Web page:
There are some things about the game of basketball that we all know and fully comprehend, but sometimes we don’t seem to notice all the implications of that basic, simple, and common knowledge. For example, we all know that there is only one basketball used to play with in a game. During an organized league game there are ten players on the court, with five players on each team actively playing. Only one player can control or have possession of the basketball at any given moment. Only one player at a time can dribble or shoot the ball. In whatever the league, however long the quarter or half is played, there will always be nine players who are playing the game without the ball currently in their hands. This obvious knowledge can actually tell us a lot more about this great game.
As a player, it is very important to have good ball-handling skills, to make moves with the basketball in order to avoid having it stolen, to make clean passes, and to be able to shoot well. However, 9 out of 10 players on the court will be playing without the ball in their hands at every given moment of the game. So the chances are pretty high for any particular player to not have the ball for the vast majority of the game. This leads us to realize that there is going to be a great necessity for understanding and playing the game without having a basketball in your hands.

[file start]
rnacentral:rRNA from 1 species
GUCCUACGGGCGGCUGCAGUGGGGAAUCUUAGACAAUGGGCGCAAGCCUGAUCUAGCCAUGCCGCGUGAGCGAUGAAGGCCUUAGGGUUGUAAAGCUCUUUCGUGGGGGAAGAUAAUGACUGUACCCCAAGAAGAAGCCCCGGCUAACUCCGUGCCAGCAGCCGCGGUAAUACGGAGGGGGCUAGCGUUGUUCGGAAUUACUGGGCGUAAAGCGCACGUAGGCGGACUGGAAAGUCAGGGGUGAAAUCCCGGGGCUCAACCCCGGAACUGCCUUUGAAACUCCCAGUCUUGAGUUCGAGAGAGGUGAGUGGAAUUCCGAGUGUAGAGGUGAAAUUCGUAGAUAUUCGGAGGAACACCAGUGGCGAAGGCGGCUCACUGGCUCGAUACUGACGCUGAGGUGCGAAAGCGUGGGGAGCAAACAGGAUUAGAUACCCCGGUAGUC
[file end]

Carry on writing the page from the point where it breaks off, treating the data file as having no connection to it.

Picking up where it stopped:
So again, during the game, all but one of the players will be moving without the basketball. This means that your skill level to dribble and shoot the ball are only part of the game. While those parts are very essential and require a lot of time and effort to develop and refine, the majority of the time during a game actually consists of how well you play without the ball in your hands. It won’t be that great of a value to a team if you can shoot lights out, but you are slow, don’t play defense well, can’t even get open on offense, and just seem to get in the way by being out of position when the ball isn’t in your hands.
Remember… movement is life. If you’re not moving, you’re not living. (And don’t be silly or pedantic; even when you are sleeping or just standing still, your heart is beating and body parts are operating internally to keep you alive.) In the game of basketball, we are required to have constant ball movement, but also constant movement without the ball. All this movement without the ball must still have an actual purpose. All five players on the court should constantly be working together as one unit, with one common goal: score more points than the other team. Whether the ball is in your hands or not, there are aspects of the game that go well beyond your ability to manipulate a round, orange object. Here are some absolutes for the game when there isn’t a ball in your hands:
1. Each player should always know where the ball is at on the court and who has the ball.
2. Each player should be anticipating what others players are about to do and where the ball might possibly go next.
3. Each player should be comfortable setting screens and coming off screens.
4. Each player on offense should be looking to get open for a pass, or set someone else up to get open. We should be spread out or bunched up tactfully in order to create the right spacing needed for the best possible quality shot.